There are about a bajillion sports metaphors I could use right now – it all comes down to the fourth quarter, the final set, the last two minutes – to parallel the ending of my time with the Mark Program. All good things must come to an end. Yesterday, we had our final reviews for our projects and it was a fitting way to wrap up the six months I spent with my novel in solitude.
There were laughs (by all) and tears (by me). No longer will I worry about the worthiness of my biweekly rewrites or if I'm on track with the objectives established for finishing my novel. No longer will I have the benefit of so many pairs of eyes closely reading each change in my novel, judging if it was the right move or the wrong move. No longer will I shake my fist at the literary gods in exasperation when someone points out the obvious in my own writing. It all comes down to this: the final comments on what the novel needs in order to be the kind of novel people will read and remember. Am I going to leave it all on the page or am I going to take the easy way out by drifting off into oblivion?
The answer to that question is what I learned in this program: you get one shot to leave it all on the page, to make the most of words and white space, so make it count. It’s all got to lead up to the “money shot” which was so eloquently stated by our instructor, Al Watt. The next few months will be my last chance to make everything right on the page. This is the time when I must absolutely honor the commitment to write this novel as best as I can and to honor those who helped me make it the best novel that I could write.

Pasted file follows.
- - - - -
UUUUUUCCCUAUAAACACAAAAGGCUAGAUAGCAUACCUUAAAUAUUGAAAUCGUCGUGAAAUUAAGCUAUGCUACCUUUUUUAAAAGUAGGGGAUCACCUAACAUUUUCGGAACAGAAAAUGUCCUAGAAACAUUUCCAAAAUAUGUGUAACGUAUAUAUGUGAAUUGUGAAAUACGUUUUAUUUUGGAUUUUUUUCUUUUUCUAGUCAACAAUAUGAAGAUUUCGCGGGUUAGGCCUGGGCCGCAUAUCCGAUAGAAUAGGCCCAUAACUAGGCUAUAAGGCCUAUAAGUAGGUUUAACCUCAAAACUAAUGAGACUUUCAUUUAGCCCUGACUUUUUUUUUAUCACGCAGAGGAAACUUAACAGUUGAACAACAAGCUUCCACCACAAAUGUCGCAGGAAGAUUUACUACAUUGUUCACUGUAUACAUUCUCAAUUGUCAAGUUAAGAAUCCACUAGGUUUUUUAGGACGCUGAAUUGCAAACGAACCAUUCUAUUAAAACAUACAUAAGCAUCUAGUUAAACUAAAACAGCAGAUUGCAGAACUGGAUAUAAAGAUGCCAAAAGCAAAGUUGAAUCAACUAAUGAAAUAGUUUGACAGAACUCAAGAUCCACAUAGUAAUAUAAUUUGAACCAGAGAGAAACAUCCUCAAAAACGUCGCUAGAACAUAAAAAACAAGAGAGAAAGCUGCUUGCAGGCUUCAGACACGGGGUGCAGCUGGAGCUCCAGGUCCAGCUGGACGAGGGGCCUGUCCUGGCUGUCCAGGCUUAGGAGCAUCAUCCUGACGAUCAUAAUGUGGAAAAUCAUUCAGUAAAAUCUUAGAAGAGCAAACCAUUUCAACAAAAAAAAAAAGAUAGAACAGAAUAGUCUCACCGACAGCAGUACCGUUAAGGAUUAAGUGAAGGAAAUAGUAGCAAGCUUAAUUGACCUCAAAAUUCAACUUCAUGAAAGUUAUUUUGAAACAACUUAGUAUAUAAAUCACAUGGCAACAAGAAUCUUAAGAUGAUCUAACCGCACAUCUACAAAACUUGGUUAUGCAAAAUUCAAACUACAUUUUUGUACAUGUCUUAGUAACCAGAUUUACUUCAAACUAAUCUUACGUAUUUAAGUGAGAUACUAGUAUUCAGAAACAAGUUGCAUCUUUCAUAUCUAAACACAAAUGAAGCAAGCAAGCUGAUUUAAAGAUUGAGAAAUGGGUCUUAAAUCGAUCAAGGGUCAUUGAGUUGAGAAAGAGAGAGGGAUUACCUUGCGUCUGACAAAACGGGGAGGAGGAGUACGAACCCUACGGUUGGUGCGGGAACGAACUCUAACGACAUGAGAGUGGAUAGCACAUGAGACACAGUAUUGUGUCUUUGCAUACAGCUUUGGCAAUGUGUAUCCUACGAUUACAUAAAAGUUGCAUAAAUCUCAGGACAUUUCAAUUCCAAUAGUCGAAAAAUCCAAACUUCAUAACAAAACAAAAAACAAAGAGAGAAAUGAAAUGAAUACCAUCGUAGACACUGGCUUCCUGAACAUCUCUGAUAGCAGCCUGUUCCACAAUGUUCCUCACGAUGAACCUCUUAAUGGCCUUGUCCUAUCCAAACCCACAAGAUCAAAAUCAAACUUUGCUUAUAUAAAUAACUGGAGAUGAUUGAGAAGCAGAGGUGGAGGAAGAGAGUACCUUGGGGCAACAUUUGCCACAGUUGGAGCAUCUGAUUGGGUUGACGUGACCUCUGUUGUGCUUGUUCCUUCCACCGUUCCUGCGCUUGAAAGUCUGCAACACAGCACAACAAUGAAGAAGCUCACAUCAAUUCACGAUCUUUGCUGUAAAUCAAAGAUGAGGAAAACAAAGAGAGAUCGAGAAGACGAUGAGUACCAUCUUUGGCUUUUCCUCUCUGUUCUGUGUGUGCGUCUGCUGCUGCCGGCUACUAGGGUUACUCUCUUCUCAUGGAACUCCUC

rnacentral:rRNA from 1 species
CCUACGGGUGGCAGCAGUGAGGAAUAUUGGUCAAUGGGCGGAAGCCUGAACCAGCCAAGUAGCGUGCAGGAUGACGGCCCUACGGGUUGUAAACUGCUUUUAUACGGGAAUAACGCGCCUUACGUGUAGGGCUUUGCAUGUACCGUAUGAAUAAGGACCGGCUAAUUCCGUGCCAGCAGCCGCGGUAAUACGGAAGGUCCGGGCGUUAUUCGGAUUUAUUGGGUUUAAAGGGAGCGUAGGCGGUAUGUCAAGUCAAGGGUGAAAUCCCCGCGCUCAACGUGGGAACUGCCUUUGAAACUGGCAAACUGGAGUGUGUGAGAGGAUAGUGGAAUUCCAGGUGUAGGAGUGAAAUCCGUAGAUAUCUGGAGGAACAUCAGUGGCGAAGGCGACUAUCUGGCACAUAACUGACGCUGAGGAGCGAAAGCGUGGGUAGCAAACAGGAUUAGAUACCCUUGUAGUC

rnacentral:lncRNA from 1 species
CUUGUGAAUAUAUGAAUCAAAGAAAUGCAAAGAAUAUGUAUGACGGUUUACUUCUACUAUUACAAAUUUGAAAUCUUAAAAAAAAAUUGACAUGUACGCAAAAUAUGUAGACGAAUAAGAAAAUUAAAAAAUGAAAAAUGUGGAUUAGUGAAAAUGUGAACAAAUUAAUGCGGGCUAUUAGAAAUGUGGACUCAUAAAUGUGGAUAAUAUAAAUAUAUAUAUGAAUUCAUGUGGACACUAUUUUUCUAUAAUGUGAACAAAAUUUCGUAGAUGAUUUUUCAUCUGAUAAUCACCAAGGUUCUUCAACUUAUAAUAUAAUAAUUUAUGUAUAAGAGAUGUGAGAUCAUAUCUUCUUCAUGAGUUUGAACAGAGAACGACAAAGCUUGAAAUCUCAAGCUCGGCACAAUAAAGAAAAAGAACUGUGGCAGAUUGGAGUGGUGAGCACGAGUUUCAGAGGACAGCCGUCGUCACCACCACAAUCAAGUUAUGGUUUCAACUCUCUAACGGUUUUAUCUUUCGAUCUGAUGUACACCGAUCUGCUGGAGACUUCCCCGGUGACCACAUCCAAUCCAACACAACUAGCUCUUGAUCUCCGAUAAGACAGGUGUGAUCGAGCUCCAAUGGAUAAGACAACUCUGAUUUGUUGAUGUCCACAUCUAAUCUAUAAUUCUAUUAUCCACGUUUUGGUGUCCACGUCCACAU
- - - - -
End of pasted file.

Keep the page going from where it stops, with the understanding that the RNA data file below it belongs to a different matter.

So, thank you, Carl Peel and Shanna Mahin for your camaraderie and your honesty, workshop after workshop. Thank you, Libby Flores, for your smart and deep reading of my work. Thank you, Marytza Rubio, for your sweet and encouraging feedback even after the program has finished. Thank you, Al Watt, for your probing questions and your guidance because I wouldn’t have come this far without you. Thank you, Samantha Dunn, for your humor, your intelligent and remarkable advice, and for taking me to Norm’s. And lastly, thank you, readers, for tuning in each week to my posts that basically said I didn’t know anything about writing twenty different ways.
Off I go into the sunset to write the money shot. So long, Marksters, and don’t forget to write the good write.